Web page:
In His Blood: How One Man’s Idea for the First Blood Bank Saved the World

“The world and its creation is the great divine miracle before which humanity bows reverently, but not without hope of an ultimate better understanding”

-Dr. Bernard Fantus

On March 15, 1937, a Jewish Hungarian-American doctor named Bernard Fantus changed the world. Trained as both a pharmacist and a physician, his revolutionary idea for a “blood preservation laboratory” at Chicago’s Cook County Hospital aimed to solve what was, at the time, a persistent problem in medicine.

In the early 20th century, physicians with a patient who needed a blood transfusion would try in desperation to locate the patient’s friends and family members in the hope that there would be someone among them who had with the same blood type as their patient. But tragically, often doctors either weren’t able to find anyone with the correct blood type, or their patient would perish before they found someone suitable.

To Dr. Bernard Fantus, there had to be a better way. Surgery and medicine were becoming more complex, and the need for blood only grew. The early-1900s saw a significant amount of progress in the field of hematology throughout the globe. In 1901, Austrian physician Dr. Karl Landsteiner discovered the A, B and O human blood types and the following year, Drs. Alfred Decastello and Adriano Sturli discovered the AB type.[1] In 1907, Dr. Reuben Ottenberg performed the first blood transfusion using blood typing and cross-matching and discovered the universality of the O blood type.[2]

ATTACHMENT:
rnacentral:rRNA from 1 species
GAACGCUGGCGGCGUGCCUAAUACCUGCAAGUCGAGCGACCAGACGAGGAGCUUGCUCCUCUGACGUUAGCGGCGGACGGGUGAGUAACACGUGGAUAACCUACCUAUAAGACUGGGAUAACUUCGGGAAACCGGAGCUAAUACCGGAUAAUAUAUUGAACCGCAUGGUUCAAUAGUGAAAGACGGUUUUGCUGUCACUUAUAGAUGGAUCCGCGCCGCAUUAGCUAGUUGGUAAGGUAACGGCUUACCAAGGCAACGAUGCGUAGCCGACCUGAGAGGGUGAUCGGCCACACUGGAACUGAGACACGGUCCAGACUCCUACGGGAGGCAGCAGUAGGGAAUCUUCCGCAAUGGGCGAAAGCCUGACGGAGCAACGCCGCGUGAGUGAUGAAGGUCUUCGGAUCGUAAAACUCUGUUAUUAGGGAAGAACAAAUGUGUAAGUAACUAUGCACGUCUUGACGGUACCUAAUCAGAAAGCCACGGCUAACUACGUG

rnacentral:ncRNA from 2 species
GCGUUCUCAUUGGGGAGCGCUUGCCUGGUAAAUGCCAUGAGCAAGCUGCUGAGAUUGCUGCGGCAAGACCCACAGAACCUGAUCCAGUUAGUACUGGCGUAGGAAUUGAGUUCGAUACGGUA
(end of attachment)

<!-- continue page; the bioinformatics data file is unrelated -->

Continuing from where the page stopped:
These discoveries were compelling to Dr. Fantus, but none so much as that of Russian scientist S.S. Yudin, who, after determining the length of time it takes for blood to coagulate, was able to successfully preserve and use cadaver blood for transfusion. Dr. Fantus knew that cadavers could not provide a steady-enough supply of blood to the people of Chicago; he wanted to try it with living donors, but he needed a way to convince people to donate enough blood to create a standing stockpile.

So on March 15, 1937, Dr. Fantus created the world’s first “blood bank” at Cook County Hospital in Chicago. Blood preservation was nothing new at the time; blood had been shipped to the front lines in World War I and the Mayo Clinic started storing blood for up to fourteen days in 1935.

But it was Fantus’ “bank” idea of blood collection that was new. And he chose the term “blood bank” on purpose. In the July 10, 1937 edition of his weekly column in the Journal of the American Medical Association (JAMA), he explained the reason to his peers. “Just as one cannot draw money from a bank unless one has deposited some, so the blood preservation department cannot supply blood unless as much comes in as goes out. The idea of a ‘bank’ is not a mere metaphor.”[3]

In the beginning, Cook County Hospital kept a “Blood Bank Account” ledger that kept track of people’s “deposits” into their accounts when they donated blood and their “withdrawals” when they received some and hospital staff could collect $10 from a patient to pay a donor.[4]

Blood Bank

Ledger of accounts at the Cook County Hospital Blood Bank. The purpose of the ledger was to keep track of the blood supply for patients in need and the responsibility of physicians to recruit donations to replace their withdrawals. One unit on this record was unsuitable with a positive Kahn syphilis serology test, so Dr. CJ’s balance was reduced by 500 mL.

The impending Second World War would underscore the importance of blood banks, and donating blood became a sign of patriotism for Americans, who donated 13.3 million pints of blood by the end of the war.[5]

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